Unit exams: There are six unit exams (one exam for three chapters) administered through Mastering Physics (one exam for three chapters of material), and students may make up one missed exam by using the final exam grade to replace the missed exam. Exams are divided into two parts and each part has an immediate retake available. Part one tests memorization and contains approximately 40 questions that were on the Mastering Test Yourself homework assignments so students should recognize the questions if they did the homework. Part two contains approximately the same number of questions as the first part, but questions are from the test bank and include ones students have not seen before. Success at part one requires memorization, while success at part two requires critical thinking. The total exam grade is the average of both parts.

Exams usually contain conceptual questions which may involve simple calculations. Most questions can be readily answered without the aid of a calculator by using proportional reasoning, as the focus is on physics and not mathematics. Formulas are not provided to students as they are the mathematical representation of the physics being learned. McClain feels that more frequent exams help keep stress levels down by allowing students to be assessed on smaller chunks of material. He believes that students tend to stay more engaged knowing that an exam is continually around the corner.

Final exam: The final exam is comprehensive with questions from the Mastering test bank. Students may opt to use the unit exam average as their final exam score if the Mastering homework assignment average after the last unit exam is greater than or equal to 85%. The final exam grade can replace the lowest exam grade if it benefits the student. Most students are able to opt out of the final exam.

Mastering Physics: The four types of Mastering Physics assignments described below enable McClain to evaluate understanding on different levels and help students develop critical thinking skills. Homework is as follows:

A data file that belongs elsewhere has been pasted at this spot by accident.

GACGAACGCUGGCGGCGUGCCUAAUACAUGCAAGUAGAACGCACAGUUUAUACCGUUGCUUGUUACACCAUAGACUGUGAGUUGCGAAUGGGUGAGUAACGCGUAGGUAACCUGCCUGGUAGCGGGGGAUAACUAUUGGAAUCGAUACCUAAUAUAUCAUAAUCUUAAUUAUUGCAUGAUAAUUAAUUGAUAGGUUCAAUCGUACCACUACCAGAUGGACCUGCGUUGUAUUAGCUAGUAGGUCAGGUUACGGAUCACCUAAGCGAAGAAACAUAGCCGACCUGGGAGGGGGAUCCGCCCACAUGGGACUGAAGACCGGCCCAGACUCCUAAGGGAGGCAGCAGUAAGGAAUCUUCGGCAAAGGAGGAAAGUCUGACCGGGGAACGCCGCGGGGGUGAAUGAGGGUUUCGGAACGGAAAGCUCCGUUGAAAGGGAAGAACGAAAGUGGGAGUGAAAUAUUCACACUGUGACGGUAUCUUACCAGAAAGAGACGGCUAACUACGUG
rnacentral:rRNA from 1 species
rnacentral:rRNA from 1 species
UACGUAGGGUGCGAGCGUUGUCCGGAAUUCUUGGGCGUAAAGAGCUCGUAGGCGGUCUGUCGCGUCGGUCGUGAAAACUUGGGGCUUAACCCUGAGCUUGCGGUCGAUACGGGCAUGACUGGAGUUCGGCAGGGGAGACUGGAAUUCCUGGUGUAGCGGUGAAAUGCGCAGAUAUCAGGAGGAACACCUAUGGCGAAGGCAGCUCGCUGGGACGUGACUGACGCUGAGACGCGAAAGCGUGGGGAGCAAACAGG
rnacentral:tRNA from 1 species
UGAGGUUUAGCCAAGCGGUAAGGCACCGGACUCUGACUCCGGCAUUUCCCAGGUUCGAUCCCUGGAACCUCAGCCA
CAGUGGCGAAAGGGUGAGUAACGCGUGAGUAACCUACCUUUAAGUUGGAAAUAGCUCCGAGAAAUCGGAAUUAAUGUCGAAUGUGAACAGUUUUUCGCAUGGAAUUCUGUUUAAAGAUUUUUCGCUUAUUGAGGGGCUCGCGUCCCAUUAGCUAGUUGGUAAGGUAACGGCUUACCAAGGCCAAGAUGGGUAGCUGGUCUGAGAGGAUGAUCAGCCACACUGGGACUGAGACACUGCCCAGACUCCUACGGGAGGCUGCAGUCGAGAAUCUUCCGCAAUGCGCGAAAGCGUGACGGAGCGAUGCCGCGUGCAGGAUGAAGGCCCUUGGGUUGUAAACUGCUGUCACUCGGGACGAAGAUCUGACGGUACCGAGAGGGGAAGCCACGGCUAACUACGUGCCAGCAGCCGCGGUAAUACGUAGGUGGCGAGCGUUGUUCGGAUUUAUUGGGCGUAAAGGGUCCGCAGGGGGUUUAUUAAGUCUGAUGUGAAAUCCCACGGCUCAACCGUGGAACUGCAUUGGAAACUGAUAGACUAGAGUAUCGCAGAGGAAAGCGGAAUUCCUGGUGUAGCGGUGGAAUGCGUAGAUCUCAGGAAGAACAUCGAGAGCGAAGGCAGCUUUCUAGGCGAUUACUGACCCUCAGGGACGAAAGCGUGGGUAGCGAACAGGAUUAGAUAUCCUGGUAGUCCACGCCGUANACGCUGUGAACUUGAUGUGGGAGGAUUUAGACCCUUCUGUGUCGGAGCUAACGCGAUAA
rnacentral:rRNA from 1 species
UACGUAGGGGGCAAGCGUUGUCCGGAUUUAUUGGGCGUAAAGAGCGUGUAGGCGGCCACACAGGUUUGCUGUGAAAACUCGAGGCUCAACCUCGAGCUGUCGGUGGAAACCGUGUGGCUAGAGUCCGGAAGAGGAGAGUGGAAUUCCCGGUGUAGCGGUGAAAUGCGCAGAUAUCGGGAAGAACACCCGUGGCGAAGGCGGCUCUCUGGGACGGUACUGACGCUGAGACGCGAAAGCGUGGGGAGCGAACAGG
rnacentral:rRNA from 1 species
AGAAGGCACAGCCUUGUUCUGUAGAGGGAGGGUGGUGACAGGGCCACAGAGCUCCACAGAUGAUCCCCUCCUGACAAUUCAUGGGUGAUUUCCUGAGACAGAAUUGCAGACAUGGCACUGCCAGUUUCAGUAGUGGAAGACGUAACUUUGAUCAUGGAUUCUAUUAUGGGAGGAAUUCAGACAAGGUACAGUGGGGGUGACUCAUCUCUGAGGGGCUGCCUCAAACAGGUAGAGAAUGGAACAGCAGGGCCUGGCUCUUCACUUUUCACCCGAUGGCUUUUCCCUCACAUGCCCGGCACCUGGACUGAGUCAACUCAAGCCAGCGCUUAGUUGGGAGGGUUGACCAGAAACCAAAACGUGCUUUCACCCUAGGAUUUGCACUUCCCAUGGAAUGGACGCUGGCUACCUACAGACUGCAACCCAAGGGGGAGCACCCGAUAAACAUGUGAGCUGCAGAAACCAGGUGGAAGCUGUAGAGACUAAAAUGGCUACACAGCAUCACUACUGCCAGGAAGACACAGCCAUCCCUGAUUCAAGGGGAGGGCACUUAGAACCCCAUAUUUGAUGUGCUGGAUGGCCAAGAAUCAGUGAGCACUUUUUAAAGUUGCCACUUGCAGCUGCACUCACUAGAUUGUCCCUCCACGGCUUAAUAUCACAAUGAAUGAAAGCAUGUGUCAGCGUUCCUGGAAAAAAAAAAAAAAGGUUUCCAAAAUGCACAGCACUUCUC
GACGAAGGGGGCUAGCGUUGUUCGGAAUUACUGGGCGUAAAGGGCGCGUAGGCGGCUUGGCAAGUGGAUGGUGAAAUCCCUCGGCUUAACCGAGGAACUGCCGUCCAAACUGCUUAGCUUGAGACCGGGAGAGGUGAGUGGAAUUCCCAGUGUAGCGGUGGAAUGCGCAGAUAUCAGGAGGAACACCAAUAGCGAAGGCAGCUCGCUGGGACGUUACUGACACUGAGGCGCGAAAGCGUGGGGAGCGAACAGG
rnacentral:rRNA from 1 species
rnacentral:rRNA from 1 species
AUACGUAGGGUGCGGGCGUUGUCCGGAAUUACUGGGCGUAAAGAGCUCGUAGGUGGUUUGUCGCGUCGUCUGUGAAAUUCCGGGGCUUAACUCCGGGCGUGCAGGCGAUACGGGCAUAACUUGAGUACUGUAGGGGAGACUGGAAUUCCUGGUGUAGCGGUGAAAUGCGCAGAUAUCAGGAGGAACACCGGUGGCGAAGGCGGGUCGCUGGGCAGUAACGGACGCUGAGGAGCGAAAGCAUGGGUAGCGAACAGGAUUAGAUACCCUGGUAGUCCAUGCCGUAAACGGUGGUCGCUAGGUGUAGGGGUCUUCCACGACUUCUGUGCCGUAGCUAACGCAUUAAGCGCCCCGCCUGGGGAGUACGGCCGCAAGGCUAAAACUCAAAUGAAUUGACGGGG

• Reading quizzes should be done first and are completed usually after a worksheet that promotes the students to become immersed with the chapter contents. These pre-lecture assignments help introduce the material that will be discussed in the chapter. The assignments may be reset one time up to one week before the last day of class.  Assignments completed after the due date incur a 2% penalty per day with a maximum of 20 points deducted.
  • Checkups should be completed ideally just after the material is presented in class. They serve to reinforce the basic concepts in the chapters and identify points that need further study. The assignments may be reset one time up to one week before the last day of class. Assignments completed after the due date incur a 2% penalty per day with a maximum of 20 points deducted.
  • Activities should be done after the checkups as they center on applications of the material, moving past the memorization stage and guiding the student as they move into the critical thinking stage. By this time students should be able to start putting concepts together in coherent thought streams. These assignments include vocabulary, ranking, sorting, interactive figures, and other activity questions. The assignments may be reset one time up to one week before the last day of class. Assignments completed after the due date incur a 2% penalty per day with a maximum of 20 points deducted.
  • Test yourself assignments are to be completed in preparation for the exam and are designed so students apply the major themes of the chapter, giving them an opportunity to practice answering questions typically seen on the exam. The assignments are often done in class or in groups, and group participation is observed as part of the assignment grade. The groups are often set to compete against one another to encourage engagement and add personal investment in the material. Questions are from the test bank and are the same questions that make up part one of the exams. The goal is for students to arrive at the correct answers and then understand why it was correct so they can successfully work the problems that are given in the second part of the exam. The assignments may be reset one time up to one week before the last day of class. If they are completed after the due date, there is a 2% per day penalty with a maximum of 20 points deducted.